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Full text of "Medical Jurisprudence And Toxicology"

PHYSOSTIGMATIS  SEMINA                                             707

he failed to detect it in a case in which there was ample evidence that death
occurred from poisoning by strychnine.

PHYSOSTIGMATIS SEMINA   (CALABAR BEAN)

This is the dried ripe seed of Physostigma (Venenosum, belonging to N.O. Legu-
minosse. It is known as the Ordeal Bean of West Africa, as it is used there as a test in
suspected witchcraft. It is blackish-brown in colour, and slightly kidney-shaped, having
a black groove along its convex border, measures li"x5"X a", and weighs about 1| to
2 drachms. It has no odour, nor has it any distinctive taste. If cut longitudinally, it is
seen to consist of a brown, rind, containing two hard, white, brittle cotyledons which
adhere to the shell.

The poisonous properties are due to two alkaloids, physostigmine or eserine and
calabarine, contained in the cotyledons of the seed.

Physostigmine (Eserine), CicHaiNaO*.—In the pure state this is a white, crystalline
substance, but becomes yellowish on exposure to air and light. It is bitter in taste and
alkaline in reaction. It is slightly soluble in water, but readily dissolves in alcohol,
chloroform and ether. With acids it forms salts, which are soluble in water. Of these
physostigminaz salicylas (physostigmine or eserine salicylate) is a pharmacopoeial pre-
paration, the dose being 1/100 to 1/50 gram. It enters into the composition of the phar-
macopoeial preparations of Lamelice physostigmince, Oculentum physostigminoe and
Injectio physostigmince salicylatis.

Symptoms.—These are giddiness, salivation, thirst, violent peristalsis, pain in the
stomach, vomiting, sometimes diarrhoea, slow, feeble and irregular pulse, laboured
breathing, cold clammy skin, contracted pupils, muscular twitchings, paralysis of the
voluntary muscles, mystagmus and dysarthria. The intellect remains clear to the last.
Death occurs from asphyxia due to paralysis of the respiratory centre.

Fatal Dose and Fatal Period.—Not determined. Six seeds of beans of Physostigma
venenosum caused the death of a child. According to Blyth 6 mg. of physostigmine
would be likely to be dangerous and about 205 mg. or 3 grains would be much beyond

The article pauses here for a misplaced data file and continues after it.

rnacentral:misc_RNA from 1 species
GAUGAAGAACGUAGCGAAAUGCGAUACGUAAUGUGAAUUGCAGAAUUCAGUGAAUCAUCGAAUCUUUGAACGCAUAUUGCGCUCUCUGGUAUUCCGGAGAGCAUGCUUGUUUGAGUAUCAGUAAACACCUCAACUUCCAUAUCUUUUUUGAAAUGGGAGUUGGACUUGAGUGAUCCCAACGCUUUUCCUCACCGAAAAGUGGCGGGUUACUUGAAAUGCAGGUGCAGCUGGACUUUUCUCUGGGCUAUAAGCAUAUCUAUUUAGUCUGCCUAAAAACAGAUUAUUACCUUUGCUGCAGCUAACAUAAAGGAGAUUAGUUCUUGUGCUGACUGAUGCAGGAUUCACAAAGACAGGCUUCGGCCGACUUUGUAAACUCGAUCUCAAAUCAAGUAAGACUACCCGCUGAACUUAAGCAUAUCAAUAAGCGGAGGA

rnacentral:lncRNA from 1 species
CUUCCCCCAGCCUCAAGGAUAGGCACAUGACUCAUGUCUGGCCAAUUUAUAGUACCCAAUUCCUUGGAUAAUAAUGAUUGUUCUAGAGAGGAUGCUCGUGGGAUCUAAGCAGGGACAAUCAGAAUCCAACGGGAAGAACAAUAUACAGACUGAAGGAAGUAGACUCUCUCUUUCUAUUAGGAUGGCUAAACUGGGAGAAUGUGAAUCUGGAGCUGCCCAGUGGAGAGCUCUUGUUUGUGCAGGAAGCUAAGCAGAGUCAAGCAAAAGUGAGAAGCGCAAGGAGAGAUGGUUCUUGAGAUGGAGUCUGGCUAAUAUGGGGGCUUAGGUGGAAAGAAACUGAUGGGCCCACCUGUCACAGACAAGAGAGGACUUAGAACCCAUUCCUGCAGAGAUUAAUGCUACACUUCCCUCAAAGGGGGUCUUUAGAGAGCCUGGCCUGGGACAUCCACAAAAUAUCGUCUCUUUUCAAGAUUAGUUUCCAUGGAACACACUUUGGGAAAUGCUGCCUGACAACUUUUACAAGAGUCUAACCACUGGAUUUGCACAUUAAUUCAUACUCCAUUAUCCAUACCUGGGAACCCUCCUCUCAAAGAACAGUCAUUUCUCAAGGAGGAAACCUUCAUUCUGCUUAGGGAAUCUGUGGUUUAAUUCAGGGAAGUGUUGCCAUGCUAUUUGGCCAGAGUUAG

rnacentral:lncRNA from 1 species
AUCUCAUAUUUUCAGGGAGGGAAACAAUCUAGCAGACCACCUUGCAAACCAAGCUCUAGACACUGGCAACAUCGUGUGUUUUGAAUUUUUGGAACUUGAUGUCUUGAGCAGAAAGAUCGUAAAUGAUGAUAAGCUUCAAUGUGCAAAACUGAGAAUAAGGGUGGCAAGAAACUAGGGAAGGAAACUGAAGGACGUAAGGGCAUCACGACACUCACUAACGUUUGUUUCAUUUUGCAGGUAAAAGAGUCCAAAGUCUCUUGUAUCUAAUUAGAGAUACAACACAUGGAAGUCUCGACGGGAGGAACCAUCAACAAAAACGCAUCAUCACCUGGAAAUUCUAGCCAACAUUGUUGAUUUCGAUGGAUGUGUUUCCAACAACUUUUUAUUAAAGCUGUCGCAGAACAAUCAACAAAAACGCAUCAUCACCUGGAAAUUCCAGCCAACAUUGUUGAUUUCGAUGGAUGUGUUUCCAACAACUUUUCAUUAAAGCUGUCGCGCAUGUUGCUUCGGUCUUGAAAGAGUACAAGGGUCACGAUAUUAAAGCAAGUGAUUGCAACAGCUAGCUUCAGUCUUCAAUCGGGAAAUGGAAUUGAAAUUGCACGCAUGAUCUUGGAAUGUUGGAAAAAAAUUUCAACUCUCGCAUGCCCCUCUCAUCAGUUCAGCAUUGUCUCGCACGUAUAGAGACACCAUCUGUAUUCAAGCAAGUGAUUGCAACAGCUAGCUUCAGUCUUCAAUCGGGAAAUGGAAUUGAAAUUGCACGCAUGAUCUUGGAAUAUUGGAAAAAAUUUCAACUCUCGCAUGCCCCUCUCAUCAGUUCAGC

the least fatal dose.ls A patient was given after an operation for hernia 0.1 gramme of
eserine sulphate (a non-official preparation, dose being 1/64 to 1/32 grain) to stimulate
peristalsis, but he got convulsions and cyanosis and died from failure of respiration and
of the heart's action.10 A case20 is recorded in which recovery took place after intra-
venous injection of J grain of eserine sulphate in 15 minims of water.

Treatment—Give emetics or wash out the stomach with charcoal and tannic acid.
Atropine and chloral hydrate are both regarded as physiological antidotes. Give sti-
mulants, and oxygen inhalation and artificial respiration may be resorted to, if necessary.
Post-mortem Appearances.—Not characteristic. The mucous membrane of the
stomach may be red and congested and may sometimes be covered with a tenacious
mucus, The lungs are generally congested and oadematous. The brain is slightly
hypersemic.

Chemical Analysis.—Physostigmine may be extracted from organic matter by
rendering it alkaline with sodium bicarbonate and using ether or chloroform as a sol-
vent. It is decomposed very easily; hence special care must be taken not to allow
excess of mineral acids, heat or light to come into play.

Tests.—1. Bromine water produces a red or orange-coloured turbid solution which
will clear away on heating. Strong chlorine water produces a red colour.

2. On exposure to air and light, an aqueous solution of physostigmine is readily
oxidized and produces rubreserine, which is red in colour. The red colour is decolourised
on the addition of a reducing agent, such as sulphurous acid or hydrogen sulphide. If it
is now shaken with excess of caustic alkali, it acquires a pink red colour. The red
colouring matter, rubreserine, is dissolved out by chloroform and colours the solution
orange-red.

3. Two or three drops of a very weak solution of physostigmine dropped into a
cat's eye will produce contraction of the pupil.

Medico-Legal Points.—Accidental cases of poisoning have occurred among children
from eating the seeds. Accidental poisoning has also resulted from an overdose in medi-
cine or from eserine solution having been instilled into the eyes or sprayed into the
nose.

Suicidal cases have occurred, but no homicidal case has yet been recorded.

Physostigmine increases the irritability of the voluntary and involuntary muscles,

causing muscular twitchings and peristaltic movements of the intestines.   It contracts

the pupils by stimulating the ends of the third nerve.   It increases the secretions by

stimulating the peripheral nerve endings.   It augments the irritability of the peripheral

18.    Poisons, their Efects and Detection, Ed. V, pp. 422, 423.

19.    Ars. Medici, Jan. 1932, p. 14.

20.    Slater, Brit. Med. Jour,, Dec. 9, 1922, p. 1120.